[This post contains details from the Teachers episode that aired Jan. 13]
Teaching is tough. It requires putting — or, at the very least, attempting to put — your own issues aside to focus on the betterment of your students. And the teachers of Teachers are not good at that, especially when it comes to trying to prevent bullying in the show’s premiere episode. Not good at all.
This is a good and bad thing for the TV Land comedy, which is adapted from a webseries by the Katydids improv group: Good, because sometimes it works in the show’s favor, like when one misguided and lovably spacey teacher, AJ (Cate Freedman), educates her class about bullying by having them shout out insulting phrases. Bad, because sometimes it veers into overdone territory, reinforcing tired stereotypes like the teacher who just can’t get over her break-up and won’t stop talking to her students about it.
Pilots shouldn’t be expected to debut fully-formed, complicated, unique characters — but that doesn’t mean they shouldn’t break the mold a bit to favor newer stories over stale clichés. But in Teachers, there’s the previously mentioned still-grieving ex-girlfriend, Caroline (Kate Lambert), and a traumatized former emo teen named Deb (Kathryn Renée Thomas), who dons a messy (like, it-looks-like-she-did-her-makeup-drunk-and-in-the-dark messy) smoky eye and can’t stop talking about her former bully (played by executive producer Alison Brie). Both are characters you’ve seen before. Both are characters you aren’t exactly dying to see again.
The show is weakest in moments when they completely lean into these cookie-cutter characters, like when Caroline tells her class that “a bully is someone who generally disregards your feelings, ignores your texts, and changes the password on your joint Netflix account two days after you break up” or when Deb gets to head a bullying group because, as she angrily exclaims, “I used to cut myself.” (Note: Self-harm rarely works as a punchline.)
Those moments don’t make up the entire half-hour though, and it’s more enjoyable than not. Mary-Louise’s (Katie O’Brien) suppressed-but-giddy reaction when a surprisingly hot dad comes in for a parent-teacher conference is pure, relatable gold, and Deb giving her new anti-bullying group a name that, when condensed to an acronym, spells out “stab” is hilarious in its inappropriateness. Turns out that young children enthusiastically chanting “stab” over and over again is quite amusing (and quite creepy — horror filmmakers, take note).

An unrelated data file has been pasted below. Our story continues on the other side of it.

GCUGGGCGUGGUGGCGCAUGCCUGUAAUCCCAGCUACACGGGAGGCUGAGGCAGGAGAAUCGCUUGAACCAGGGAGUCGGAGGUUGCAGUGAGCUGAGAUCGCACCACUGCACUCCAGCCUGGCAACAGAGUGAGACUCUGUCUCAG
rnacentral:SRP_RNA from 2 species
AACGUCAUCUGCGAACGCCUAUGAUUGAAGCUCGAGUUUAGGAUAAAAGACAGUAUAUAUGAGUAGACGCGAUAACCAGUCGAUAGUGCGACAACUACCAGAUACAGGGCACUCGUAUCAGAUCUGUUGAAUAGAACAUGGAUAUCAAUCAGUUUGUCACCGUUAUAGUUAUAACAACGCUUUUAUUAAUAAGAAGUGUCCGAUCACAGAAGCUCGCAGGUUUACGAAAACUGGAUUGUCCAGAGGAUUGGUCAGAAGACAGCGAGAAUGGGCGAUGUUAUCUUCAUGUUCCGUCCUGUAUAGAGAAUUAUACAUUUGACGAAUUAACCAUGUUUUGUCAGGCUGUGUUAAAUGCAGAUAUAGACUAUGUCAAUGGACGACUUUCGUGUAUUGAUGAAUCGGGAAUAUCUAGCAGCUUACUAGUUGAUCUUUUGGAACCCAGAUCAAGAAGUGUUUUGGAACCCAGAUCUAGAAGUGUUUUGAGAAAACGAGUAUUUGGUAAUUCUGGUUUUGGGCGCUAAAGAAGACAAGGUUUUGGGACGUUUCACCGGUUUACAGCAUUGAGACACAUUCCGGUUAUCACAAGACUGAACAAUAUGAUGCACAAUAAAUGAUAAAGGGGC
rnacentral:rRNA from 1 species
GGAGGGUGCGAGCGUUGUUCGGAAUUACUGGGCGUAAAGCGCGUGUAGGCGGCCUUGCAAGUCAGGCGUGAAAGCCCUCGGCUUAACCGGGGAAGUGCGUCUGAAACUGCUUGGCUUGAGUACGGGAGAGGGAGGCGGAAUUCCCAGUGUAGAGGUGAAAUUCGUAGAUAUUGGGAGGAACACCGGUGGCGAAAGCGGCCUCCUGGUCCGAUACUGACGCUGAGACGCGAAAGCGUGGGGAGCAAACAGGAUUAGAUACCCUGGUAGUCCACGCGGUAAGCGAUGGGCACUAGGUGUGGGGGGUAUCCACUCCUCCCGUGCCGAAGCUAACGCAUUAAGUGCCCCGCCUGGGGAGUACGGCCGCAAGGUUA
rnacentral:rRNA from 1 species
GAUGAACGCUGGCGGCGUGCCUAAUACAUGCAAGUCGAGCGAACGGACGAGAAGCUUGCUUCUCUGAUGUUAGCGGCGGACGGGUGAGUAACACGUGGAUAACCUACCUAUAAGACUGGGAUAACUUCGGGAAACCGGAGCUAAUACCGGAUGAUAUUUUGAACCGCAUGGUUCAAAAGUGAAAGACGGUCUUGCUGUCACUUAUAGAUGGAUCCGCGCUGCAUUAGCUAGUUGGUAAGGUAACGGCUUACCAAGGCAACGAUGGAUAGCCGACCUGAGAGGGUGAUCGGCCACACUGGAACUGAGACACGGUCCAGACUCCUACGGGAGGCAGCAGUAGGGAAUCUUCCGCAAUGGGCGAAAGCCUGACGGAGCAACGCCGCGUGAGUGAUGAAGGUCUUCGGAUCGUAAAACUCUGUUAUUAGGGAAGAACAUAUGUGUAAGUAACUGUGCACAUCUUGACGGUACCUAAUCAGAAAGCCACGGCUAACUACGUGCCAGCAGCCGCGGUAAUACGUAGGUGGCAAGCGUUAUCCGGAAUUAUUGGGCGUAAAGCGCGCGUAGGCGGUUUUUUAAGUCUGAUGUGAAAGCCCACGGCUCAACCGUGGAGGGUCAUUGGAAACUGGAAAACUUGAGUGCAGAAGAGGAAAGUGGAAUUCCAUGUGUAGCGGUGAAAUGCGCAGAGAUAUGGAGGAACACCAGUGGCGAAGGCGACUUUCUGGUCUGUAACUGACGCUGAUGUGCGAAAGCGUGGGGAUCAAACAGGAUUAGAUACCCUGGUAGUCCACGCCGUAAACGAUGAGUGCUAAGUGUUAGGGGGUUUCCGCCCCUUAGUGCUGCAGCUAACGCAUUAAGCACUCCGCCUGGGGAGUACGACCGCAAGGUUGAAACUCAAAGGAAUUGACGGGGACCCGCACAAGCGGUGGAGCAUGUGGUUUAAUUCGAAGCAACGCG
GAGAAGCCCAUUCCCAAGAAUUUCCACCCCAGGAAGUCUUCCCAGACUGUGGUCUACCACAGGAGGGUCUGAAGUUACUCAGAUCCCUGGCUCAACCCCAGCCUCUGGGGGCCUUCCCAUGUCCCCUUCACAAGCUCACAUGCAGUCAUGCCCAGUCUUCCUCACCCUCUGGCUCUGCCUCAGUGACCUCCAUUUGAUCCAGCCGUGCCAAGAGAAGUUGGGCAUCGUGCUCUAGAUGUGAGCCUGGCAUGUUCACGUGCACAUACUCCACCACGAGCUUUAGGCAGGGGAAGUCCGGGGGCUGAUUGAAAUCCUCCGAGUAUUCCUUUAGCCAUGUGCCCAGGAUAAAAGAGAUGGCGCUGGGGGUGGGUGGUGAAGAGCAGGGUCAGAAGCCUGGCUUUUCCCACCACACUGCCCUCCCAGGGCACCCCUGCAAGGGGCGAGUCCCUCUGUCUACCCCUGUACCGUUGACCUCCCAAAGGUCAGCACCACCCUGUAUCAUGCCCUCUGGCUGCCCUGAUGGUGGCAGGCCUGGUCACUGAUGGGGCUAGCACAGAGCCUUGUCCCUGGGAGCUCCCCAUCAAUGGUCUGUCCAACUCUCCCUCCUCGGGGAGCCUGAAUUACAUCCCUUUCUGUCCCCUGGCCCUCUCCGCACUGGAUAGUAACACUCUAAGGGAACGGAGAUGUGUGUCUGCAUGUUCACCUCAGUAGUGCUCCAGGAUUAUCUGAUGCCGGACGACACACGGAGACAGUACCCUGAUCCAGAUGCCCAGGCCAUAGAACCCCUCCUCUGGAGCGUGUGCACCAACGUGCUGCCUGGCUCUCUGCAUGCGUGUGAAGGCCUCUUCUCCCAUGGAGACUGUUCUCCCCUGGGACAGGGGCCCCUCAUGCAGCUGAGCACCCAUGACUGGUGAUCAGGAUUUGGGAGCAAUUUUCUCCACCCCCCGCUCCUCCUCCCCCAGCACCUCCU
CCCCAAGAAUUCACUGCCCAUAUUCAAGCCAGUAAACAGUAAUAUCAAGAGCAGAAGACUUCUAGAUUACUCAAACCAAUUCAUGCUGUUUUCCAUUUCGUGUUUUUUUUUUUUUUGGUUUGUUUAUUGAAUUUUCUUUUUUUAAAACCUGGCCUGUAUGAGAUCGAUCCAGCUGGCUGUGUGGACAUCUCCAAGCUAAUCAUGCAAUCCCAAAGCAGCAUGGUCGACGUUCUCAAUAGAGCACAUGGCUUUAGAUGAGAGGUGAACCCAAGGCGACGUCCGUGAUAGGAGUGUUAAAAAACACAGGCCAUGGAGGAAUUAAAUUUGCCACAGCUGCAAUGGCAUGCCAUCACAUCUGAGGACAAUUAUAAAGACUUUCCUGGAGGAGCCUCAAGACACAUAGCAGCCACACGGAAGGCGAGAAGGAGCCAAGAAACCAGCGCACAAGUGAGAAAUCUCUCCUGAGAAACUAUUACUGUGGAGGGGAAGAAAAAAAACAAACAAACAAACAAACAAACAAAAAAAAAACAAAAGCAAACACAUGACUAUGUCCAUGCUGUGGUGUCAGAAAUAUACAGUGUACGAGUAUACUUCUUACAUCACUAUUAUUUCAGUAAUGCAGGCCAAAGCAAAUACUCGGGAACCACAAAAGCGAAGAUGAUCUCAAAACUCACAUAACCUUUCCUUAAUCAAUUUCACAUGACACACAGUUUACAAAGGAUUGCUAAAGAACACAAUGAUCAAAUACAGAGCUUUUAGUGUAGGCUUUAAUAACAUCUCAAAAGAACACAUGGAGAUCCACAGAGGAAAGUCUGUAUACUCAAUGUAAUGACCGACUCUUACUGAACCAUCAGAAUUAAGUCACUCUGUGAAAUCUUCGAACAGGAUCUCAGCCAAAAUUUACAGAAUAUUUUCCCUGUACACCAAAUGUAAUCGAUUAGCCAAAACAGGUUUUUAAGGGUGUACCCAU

The pilot’s strongest scenes are ones like the aforementioned, uncomfortable and unexpected but with hints of thinly veiled delight. It helps that all of the stars are skilled comedians and solid actresses that make even the flatter jokes and played-out scenarios still come off as somewhat fresh. As the show goes on, it’s likely the jokes will get better and the characters will morph into more than formulaic paper dolls. But even if they don’t, at least they’re funny formulaic paper dolls. And for that, Teachers gets an A for effort.
Watch Teachers when it airs Wednesdays at 11 p.m. ET on TV Land. See a trailer for the show below.
We wrote a react for this episode, which means we’ll just be checking in occasionally, but if this is a show you’d like to read about each week, please let us know! You can email firstname.lastname@example.org with your feedback and suggestions.